A Publication of WTVP

Clocking in to Corporate America

Are you living to work or working to live? According to our poll of 40 Leaders Under Forty, the majority put in between 50 and 60 hours of work each week, with a close second between 40 and 50 hours. How many hours are too many? Compared to other countries around the world, Americans fall somewhere in the middle.

In the U.S., the time a working professional spends at the office has increased only slightly over the years. In 2006, the average full-time, male employee worked 8.4 hours per day, and the average female worked 7.7 hours each day. Many European countries maintain 35- to 37.5-hour workweeks. Europeans generally have a greater amount of paid annual leave, and four to six weeks of holiday time is standard. South Korea and Japan have some of the longest work weeks in the world, with workers putting in nearly 400 additional hours each year than their U.S. counterparts.

We spend the majority of our lives at work, and you can add anywhere from five to 20 hours per week getting ready for work and commuting on top of that. Why might long hours not be good for you? There is a greater risk of illness and stress, and long hours leave less time for a person to recover. It’s hard to be productive if you feel sick, tired or depressed. Getting plenty of sleep, maintaining a healthy diet and exercising regularly keeps stress at a minimum and blood pressure low. Taking extra time for you is important and should be just as much a priority as climbing the corporate ladder.

Know Your Stuff!

If your house was destroyed by a fire or tornado today, would you be able to report all of your losses to the insurance company? Could you recall everything of value that you owned, or would you fall in with most Americans, whose lack of up-to-date home inventories make the task nearly impossible? Fortunately, the Know Your Stuff home inventory software can help you document your possessions—and even have fun doing it. Download the free software at

40 Leaders Book Club

We asked our 40 Leaders to share some of their favorite books and received a diverse range of responses. Just two books—Jim Collins’ Good to Great and the Bible—were mentioned more than once. Check out some of the books in the 40 Leaders Book Club!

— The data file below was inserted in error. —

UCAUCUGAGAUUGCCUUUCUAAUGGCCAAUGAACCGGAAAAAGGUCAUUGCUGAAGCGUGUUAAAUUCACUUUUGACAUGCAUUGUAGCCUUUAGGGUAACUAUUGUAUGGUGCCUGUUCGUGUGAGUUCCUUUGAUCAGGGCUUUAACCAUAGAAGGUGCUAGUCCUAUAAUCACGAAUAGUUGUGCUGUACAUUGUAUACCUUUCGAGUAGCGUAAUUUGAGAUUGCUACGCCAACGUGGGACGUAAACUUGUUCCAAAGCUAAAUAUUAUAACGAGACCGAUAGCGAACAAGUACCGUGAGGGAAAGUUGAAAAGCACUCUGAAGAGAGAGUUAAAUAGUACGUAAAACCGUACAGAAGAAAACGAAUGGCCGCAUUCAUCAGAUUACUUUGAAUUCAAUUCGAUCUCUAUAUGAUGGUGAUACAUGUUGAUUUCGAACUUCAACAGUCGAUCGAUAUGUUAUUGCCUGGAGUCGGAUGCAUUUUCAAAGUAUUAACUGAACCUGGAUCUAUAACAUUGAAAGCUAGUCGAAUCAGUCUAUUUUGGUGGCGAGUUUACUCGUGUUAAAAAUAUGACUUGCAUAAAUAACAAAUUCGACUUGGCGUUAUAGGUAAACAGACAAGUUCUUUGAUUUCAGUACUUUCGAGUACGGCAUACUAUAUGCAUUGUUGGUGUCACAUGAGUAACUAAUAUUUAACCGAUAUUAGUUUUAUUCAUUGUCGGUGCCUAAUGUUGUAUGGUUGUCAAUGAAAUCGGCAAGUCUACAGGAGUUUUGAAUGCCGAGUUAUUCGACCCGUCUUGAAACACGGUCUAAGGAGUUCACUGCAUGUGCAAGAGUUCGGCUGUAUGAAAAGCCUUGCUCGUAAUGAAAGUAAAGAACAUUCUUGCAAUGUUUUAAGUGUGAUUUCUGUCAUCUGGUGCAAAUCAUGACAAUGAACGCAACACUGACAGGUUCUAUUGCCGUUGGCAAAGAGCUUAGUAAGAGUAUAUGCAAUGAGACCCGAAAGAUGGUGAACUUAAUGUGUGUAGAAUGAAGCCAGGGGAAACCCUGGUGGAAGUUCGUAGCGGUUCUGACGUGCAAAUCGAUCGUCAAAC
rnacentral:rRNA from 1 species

NaNoWriMo is a creative, abbreviated way of saying National Novel Writing Month. Every year, November brings a chance for writers of all ages and experiences to tell their stories in a fun, by-the-seat-of-your-pants approach to novel writing. The goal is to write a 175-page or 50,000-word novel in 30 days—by midnight, November 30th.

More than 145 members in the Peoria area are currently taking part in the challenge. Writers meet online, at coffee houses, bookstores and libraries around the area to write and encourage each other through friendly competition. NaNoWriMo is focused more on output and quantity, not quality. The limited writing time forces one to take risks and allows for mistakes and for the mind to create. By participating, you will be one of thousands around the world working to become a novelist by crossing the 50k finish line by the midnight deadline.

Cheri Nordstrom, the local NaNoWriMo liaison, said, “I have always known I wanted to be a writer. My first novel took four and a half years to write. NaNoWriMo gives writers who might procrastinate an opportunity to ‘mind-dump’ the stories they have been writing in their heads and get it out on paper. We have people of all ages; all genres participate and have a lot of fun.” To learn more, check out their website at

Outfit Accessories

Avoid over-accessorizing your outfit. Accessories can communicate who and what you are as a person in how you present yourself and in your attention to detail. The most common mistakes occur with jewelry. The basic rule of thumb is that less is more. Earrings on men are taboo, and women should choose simple, elegant earrings. In a professional setting, it is suggested a maximum of one ring on each hand, worn on either the ring finger or the pinkie.
Source: Business Etiquette by Ann Marie Sabath

Digital Lost & Found

Did the digital camera you used to take all of your vacation pictures suddenly grow legs and walk away? That memory card you just changed out—did you lose it on the bus? There may be hope for you yet. A recently developed website helps to reunite misplaced cameras and accessories with their owners. Visit to upload orphan photos from found cameras or check the posted pictures to see if any of them belong to you. Skeptical? Click on “Success Stories” and read reunion tales of orphaned cameras and their owners! iBi